Heather Humphreys, the business, enterprise, and innovation minister, The Minister for Business, Enterprise and Innovation has announced that she is considering the introduction of the so–called right to disconnect.
It is a potentially significant change to existing law — and the implications for employers are significant.
The Government’s proposal is based upon an initiative introduced in France in 2017, which itself had its origins in a decision of the French Supreme Court in 2001.
In that case, an employee was accused of misconduct by not being available on his mobile phone outside of working hours.
The Supreme Court ruled the employee was under no obligation to work at home in the circumstances of the case.
In 2017, the French government introduced a legislative measure giving statutory effect to the Supreme Court decision. The French Labour Code now provides that employers must honour an employee’s “right to disconnect”.
An employer must establish mechanisms for “regulating the use of digital tools” to ensure respect for rest periods and leave, as well as personal and family life.
Employers are obliged to draw up a charter setting out how the “right to disconnect” works in practice and, in essence, the measure will theoretically allow an employee to refuse to work outside of normal office hours.
French politicians supporting the measure pointed to an increase in the incidence of work-related stress in recent years. Indeed, one referred to employees physically leaving the office, but not leaving work: “They remain attached by a kind of electronic leash — like a dog.”
In France, the measure has not been without its critics — employers have pointed out that many industries need to deal with international partners in other time jurisdictions.
Differences in timezones, for example, mean it may be detrimental to a company’s interests to allow employees to refuse to work outside of normal working hours.
Another notable point in respect of France’s measure is that there is no penalty for violating it. In other words, an employer might choose to ignore the provisions without sanction.
So, what lessons can Irish legislators learn from all of this? There’s no real data on how effective — or not — the measure has been in France; the legislation is still, after all, relatively new.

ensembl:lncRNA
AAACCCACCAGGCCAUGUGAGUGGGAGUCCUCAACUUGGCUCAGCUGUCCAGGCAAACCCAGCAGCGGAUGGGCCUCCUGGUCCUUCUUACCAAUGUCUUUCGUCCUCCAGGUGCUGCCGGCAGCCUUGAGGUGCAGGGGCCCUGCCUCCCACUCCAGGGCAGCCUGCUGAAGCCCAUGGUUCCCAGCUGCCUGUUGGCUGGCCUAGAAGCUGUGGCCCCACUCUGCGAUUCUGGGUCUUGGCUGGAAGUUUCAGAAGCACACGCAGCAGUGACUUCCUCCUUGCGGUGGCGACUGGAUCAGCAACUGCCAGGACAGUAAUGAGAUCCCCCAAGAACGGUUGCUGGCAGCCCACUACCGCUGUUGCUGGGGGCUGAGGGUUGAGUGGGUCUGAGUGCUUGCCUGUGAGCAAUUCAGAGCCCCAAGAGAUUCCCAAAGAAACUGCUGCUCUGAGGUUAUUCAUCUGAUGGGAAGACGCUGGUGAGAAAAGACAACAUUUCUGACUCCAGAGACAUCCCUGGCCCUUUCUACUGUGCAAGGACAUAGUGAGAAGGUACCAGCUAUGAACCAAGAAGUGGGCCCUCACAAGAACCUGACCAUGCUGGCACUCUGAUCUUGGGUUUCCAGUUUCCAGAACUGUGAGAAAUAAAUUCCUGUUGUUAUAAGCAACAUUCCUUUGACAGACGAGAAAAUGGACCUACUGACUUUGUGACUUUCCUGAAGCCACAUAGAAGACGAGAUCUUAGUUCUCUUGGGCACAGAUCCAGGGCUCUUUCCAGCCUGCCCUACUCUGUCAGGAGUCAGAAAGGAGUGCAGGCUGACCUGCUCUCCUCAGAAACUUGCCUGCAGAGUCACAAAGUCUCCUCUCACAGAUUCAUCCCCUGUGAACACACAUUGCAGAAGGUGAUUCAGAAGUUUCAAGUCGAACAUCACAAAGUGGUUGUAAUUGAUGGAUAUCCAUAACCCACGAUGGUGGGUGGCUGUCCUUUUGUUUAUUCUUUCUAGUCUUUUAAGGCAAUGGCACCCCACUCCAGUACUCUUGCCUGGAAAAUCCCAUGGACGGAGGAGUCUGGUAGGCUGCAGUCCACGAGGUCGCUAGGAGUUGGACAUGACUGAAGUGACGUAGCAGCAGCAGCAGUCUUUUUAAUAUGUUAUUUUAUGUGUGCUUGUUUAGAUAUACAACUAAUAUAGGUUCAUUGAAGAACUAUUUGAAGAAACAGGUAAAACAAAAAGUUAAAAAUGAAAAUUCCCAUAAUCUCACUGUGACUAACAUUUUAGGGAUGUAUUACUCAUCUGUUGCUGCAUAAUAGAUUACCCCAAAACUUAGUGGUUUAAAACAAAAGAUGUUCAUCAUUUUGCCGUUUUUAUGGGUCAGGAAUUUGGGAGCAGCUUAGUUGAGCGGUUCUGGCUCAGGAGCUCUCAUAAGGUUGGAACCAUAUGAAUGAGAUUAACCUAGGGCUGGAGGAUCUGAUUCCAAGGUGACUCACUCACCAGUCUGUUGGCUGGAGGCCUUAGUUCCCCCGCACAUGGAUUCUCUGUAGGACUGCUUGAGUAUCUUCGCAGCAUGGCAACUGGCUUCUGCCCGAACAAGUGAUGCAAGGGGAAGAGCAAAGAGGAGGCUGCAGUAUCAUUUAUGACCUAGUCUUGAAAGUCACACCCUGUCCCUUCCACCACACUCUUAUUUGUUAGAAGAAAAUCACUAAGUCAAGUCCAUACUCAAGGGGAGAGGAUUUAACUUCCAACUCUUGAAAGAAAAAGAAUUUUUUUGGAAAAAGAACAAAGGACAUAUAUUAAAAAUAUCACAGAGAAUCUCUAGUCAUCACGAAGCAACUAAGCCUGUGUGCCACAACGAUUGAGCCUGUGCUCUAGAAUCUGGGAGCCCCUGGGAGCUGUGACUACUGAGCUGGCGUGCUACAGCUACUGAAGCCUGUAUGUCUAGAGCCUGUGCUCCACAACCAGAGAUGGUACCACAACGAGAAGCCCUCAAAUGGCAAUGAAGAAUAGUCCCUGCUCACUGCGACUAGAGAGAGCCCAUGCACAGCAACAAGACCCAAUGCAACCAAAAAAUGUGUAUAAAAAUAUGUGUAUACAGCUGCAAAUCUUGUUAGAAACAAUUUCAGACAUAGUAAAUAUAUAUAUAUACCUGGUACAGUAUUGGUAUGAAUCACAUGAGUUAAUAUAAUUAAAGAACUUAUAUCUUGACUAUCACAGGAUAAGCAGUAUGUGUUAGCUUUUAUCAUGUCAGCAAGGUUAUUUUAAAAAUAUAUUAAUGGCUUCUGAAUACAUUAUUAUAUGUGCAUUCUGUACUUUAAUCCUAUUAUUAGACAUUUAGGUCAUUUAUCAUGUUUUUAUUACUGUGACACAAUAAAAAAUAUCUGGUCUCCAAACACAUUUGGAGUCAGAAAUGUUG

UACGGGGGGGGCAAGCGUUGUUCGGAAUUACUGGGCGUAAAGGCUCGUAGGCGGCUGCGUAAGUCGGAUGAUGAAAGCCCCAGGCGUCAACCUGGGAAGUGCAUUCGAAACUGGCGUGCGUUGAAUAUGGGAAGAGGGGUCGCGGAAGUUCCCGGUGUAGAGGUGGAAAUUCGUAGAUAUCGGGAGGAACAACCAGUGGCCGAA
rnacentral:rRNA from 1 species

However, the signs are not necessarily optimistic. In the past, France has attempted to regularise working hours for social policy reasons. A good example is the fact that on paper, France has a mandatory 35-hour working week. A study conducted in 2016, however, suggested 71% of employees work more than 35 hours each week.
There is no doubt that achieving a reasonable work-life balance is a positive thing. However, it’s debatable whether the “right to disconnect” is necessarily the best way to achieve this.
Enforceability is likely to be a major issue — unless our own Government takes a different path to France and imposes an actual fixed penalty upon employers for refusing to honour the “right to disconnect”, the proposal could have negligible effect.
On the other hand, such a move would be an extremely serious one for Irish employers — employees here are largely well-educated on their rights. If some form of penalty is introduced by the State, that could have a forest-fire effect.
Employers would have serious concerns about financial penalties being introduced.
Aside from the fact that prohibiting working outside of core contracted hours could have a chilling effect on flexible working arrangements in place in workplaces, there is the fact that many commercial organisations won’t be able to compete effectively if they cannot deal with customers in other jurisdictions because of timezone differences.
The “right to disconnect” isn’t necessarily a bad thing but it’s either likely to be largely aspirational or mandatory in nature, which could meet with considerable resistance from employers and, seriously affect competitiveness.